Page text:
Most co-products will not be branded "waste"

by 5m Editor
20 May 2004, at 12:00am

UK - The Environment Agency has recently held discussions with Defra over whether certain by-products from the production of food and drink are 'waste', in accordance with the definition of waste in Article 1(a) of the Waste Framework Directive, as interpreted by the European Court of Justice (ECJ) in recent cases.

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In the light of these discussions and consideration of ECJ case law, the Agency has concluded that materials resulting from the manufacture of food or drink which are passed on directly to another undertaking for processing into food or drink (for human or animal consumption) are not waste.

The rationale behind this view is that raw materials are being processed in a series of stages (albeit by different undertakings) to extract nutritional value for a number of different purposes, all of which are aimed at manufacturing food or drink from the materials.

In these circumstances, the Agency considers that it is appropriate to regard these food and drink by-products as not being discarded as waste but simply as another food or drink product obtained from the original raw materials. In the Agency's view, this conclusion is compatible with the aims of the Waste Framework Directive and the need to ensure its effectiveness is not undermined.

This reasoning applies, for example, to brewers grains and spent yeast, where they are used to make animal feed or yeast based products, and to molasses and other derivatives from sugar manufacturing where they are used to make animal feed.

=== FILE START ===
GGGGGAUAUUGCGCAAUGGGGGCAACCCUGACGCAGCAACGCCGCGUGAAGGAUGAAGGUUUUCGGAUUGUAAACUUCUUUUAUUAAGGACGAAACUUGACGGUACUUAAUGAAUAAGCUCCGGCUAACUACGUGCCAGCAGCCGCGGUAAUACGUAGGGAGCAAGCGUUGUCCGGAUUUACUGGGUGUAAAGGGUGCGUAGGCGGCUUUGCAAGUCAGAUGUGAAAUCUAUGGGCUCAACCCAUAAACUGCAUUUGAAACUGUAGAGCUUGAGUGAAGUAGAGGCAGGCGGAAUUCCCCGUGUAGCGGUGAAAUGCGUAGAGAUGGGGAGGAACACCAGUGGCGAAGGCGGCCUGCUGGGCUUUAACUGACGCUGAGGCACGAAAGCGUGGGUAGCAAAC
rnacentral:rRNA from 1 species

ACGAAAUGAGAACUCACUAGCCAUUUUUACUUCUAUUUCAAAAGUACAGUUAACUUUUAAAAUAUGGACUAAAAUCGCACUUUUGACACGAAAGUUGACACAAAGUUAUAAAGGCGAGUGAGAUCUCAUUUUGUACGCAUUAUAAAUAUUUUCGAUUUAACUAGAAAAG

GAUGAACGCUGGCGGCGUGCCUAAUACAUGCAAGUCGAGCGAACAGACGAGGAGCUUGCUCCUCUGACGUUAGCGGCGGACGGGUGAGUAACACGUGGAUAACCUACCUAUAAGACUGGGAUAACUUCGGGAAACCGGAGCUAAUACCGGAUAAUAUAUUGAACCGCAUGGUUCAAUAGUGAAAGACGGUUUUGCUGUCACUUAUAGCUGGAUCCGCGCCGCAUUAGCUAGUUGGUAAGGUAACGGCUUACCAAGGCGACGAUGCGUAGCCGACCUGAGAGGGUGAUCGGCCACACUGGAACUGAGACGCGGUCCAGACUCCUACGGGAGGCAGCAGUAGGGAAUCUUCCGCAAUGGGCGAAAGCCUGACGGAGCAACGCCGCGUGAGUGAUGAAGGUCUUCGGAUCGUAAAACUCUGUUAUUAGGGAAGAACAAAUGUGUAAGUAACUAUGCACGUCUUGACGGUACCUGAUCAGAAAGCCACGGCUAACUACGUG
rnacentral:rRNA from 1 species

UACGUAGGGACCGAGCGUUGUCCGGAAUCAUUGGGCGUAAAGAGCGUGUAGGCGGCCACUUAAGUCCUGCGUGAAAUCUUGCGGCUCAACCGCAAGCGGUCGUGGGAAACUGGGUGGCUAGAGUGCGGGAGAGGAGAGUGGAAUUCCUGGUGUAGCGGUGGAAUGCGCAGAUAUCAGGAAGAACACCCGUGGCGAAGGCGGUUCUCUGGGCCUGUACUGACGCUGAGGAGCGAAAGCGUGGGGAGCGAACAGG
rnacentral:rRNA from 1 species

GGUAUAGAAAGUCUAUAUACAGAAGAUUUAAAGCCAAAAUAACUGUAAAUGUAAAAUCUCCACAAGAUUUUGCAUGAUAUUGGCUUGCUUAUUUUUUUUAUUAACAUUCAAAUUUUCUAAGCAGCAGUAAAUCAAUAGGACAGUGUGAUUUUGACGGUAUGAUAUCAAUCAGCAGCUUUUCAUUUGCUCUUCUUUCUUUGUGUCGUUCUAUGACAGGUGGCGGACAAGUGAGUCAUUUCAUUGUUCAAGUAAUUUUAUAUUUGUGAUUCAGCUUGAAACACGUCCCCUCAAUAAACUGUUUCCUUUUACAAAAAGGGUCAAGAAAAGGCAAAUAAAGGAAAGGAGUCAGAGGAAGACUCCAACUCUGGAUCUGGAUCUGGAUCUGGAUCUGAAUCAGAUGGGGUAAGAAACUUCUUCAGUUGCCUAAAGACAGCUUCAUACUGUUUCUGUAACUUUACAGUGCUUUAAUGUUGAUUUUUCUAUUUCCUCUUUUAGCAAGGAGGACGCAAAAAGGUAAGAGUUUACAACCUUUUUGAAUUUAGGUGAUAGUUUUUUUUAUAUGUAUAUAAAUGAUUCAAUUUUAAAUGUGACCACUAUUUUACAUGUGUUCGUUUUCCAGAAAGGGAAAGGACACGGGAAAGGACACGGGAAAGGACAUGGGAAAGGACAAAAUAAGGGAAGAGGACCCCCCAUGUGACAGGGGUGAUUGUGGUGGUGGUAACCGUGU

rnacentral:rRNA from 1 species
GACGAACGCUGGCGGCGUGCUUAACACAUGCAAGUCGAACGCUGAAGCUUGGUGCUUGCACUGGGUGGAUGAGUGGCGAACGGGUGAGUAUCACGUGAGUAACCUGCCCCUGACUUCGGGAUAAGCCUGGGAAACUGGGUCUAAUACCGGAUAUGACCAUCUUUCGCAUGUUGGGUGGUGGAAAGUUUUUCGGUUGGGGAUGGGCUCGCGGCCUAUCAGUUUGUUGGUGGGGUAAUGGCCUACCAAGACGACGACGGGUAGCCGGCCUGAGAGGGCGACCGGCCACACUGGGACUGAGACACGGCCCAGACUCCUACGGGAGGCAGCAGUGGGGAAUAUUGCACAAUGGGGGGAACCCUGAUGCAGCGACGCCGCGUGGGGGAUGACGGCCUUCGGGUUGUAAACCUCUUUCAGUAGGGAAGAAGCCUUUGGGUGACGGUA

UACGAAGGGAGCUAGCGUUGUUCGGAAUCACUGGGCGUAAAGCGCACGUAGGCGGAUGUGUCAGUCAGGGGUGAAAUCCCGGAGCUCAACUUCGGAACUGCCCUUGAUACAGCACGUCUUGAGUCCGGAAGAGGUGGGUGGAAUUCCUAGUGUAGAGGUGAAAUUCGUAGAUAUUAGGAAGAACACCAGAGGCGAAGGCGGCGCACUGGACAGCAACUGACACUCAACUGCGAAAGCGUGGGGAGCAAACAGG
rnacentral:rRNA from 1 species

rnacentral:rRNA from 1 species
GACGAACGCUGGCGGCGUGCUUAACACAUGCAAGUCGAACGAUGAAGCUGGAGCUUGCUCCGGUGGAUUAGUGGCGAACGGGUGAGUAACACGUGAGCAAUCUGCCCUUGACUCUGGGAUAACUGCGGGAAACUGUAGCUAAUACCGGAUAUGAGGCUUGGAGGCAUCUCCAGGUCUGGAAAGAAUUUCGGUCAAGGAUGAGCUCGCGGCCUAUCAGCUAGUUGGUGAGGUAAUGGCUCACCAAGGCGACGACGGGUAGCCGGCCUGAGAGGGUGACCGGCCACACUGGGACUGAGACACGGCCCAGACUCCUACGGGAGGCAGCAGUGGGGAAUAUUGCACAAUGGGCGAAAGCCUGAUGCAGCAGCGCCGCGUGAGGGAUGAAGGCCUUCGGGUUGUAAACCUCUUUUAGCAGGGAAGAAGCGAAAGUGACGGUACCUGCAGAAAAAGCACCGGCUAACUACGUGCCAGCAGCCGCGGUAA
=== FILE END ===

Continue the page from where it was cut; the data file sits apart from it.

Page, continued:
However, where residues from the manufacture of food or drink are disposed of, or are used for a different purpose, which amounts to a waste recovery operation (e.g. use of olive residues as fuel), they will be waste.

This reasoning does not affect the question of whether off-specification or out of date food or drink products are waste. In principle, it is likely that they would be waste within the meaning of Article 1(a) of the Waste Framework Directive - they are identified as a category of waste in Annex 1 to the Directive and any producer will seek to limit their production.

There are though some distinctions to be made here - for instance whether a particular product is off-specification or not. The Agency is giving further consideration to this issue in consultation with Defra. In the meantime, decisions should continue to be taken, by those with responsibility for such products or their use, having regard to all the circumstances, the aims of the Waste Framework Directive and the need to ensure its effectiveness is not undermined.

Source: National Pig Association - 19th May 2004

5m Editor